Gentrification and Transformation: the Changing Landscape of South Lake Union

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2023/03/26
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South Lake Union has undergone dramatic changes over the last two decades. Ever since Amazon moved to South Lake Union in 2007, demographics have dramatically changed. The population has grown by 26%, which is 10% more than the Seattle average and almost double the national average of 14%. This increase in population is mostly people who are working in tech companies, such as Amazon and the Fred Hutchinson Cancer Research Center, rather than service jobs, which was the majority in the past (see Graph 1). With the majority of people now working in tech firms, the average income has increased exponentially (see graph 2), allowing residents to afford and want to pay more for rent and housing.

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The increase in income and population has caused a major need for more housing in the South Lake Union area. Since 2007 there has been an increase in mixed-use buildings with stores or businesses on the ground level and apartments on the upper floors. As shown in graph 3, we can see a simultaneous increase in the variety of housing as well as the different types of commercial buildings. With these upper-floor apartments comes an increased rent price, which the incoming residents working for Amazon and Fred Hutchinson can afford, but the people that have been living there for years can’t, thus pushing them to move out. The increase of urban professionals displacing lower-income families and the increase in average income and property rents are the epitomai of gentrification. The pictures below display the varying facets of trends of gentrification in South Lake Union.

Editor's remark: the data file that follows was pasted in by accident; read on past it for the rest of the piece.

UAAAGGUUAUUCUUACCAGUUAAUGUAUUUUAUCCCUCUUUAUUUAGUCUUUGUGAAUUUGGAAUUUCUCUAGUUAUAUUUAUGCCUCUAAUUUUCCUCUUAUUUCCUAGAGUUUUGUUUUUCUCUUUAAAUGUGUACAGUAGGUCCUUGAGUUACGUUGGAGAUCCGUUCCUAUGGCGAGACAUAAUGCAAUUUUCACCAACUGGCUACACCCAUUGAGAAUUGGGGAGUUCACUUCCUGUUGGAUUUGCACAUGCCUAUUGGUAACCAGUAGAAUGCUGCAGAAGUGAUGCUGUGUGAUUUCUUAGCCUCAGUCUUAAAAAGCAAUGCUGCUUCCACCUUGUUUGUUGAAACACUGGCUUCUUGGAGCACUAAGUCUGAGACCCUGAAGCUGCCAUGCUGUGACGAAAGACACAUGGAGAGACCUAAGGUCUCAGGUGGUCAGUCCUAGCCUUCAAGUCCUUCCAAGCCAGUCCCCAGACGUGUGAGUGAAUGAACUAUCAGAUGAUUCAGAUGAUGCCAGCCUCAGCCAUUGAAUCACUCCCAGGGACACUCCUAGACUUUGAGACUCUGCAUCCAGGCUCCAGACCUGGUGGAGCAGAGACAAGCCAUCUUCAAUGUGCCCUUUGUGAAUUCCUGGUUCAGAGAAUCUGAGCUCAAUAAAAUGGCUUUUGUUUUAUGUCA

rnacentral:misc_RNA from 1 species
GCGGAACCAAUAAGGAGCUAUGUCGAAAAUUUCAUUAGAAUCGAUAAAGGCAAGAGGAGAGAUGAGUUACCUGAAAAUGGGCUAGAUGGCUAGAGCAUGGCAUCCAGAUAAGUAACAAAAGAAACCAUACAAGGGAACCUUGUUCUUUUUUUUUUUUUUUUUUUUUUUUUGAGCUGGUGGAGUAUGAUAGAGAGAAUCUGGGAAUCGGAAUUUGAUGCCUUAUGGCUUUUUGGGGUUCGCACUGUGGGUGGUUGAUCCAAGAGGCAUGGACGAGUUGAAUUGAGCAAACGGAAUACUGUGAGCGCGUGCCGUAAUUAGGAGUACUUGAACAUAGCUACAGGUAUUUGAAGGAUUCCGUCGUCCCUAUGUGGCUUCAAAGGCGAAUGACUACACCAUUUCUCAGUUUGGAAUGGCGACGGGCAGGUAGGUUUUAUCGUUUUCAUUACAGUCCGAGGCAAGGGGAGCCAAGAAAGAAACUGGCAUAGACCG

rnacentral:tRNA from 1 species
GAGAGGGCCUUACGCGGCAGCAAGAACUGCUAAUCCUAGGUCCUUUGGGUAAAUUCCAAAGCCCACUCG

Why South Lake Union

Amazon has been at the center of the region’s tech boom, and its growth has drawn migration to the urban core. From 2000 to 2012, the population of downtown Seattle grew by more than 26%(1), compared to 17% for all of Seattle and only 14% nationally.
Younger folks are driving much of this growth, as the downtown population aged 25-44 has grown four times faster (28%) than the metro average. With its estimated local workforce of 18,000 and the potential to expand by an additional 22,000 over the next five years(2), the ramifications of Amazon’s expansion for the local CRE markets are acute.

With regards to job opportunities, more than 36,000 people work in this area, almost a 50% increase since even 2009 (a year before Amazon relocated here). This neighborhood used to be highlighted by large parking lots, warehouses, and less than optimal production of industrial buildings (i.e., ghost town-like). The number of pedestrians alone has quadrupled since that time period.

More than 50 new buildings in the last decade have doubled the total commercial square footage in the SLU region. Much of SLU is sleek/new, with a lot of shiny glass buildings that seem repetitive if you walk around the entire area in a loop. The residency also faced a rapid increase from 1,500 in 2000 to 7,000 in 2009 in SLU. The Eastern half of SLU used to be a low-rent area, but new luxury apartments have made it into an upscale area.

While job opportunities have surely increased exponentially, so has the median rent paid by residents (%26 between 2009-2014). according to Zillow median listing for a one-bedroom apartment is $1,950.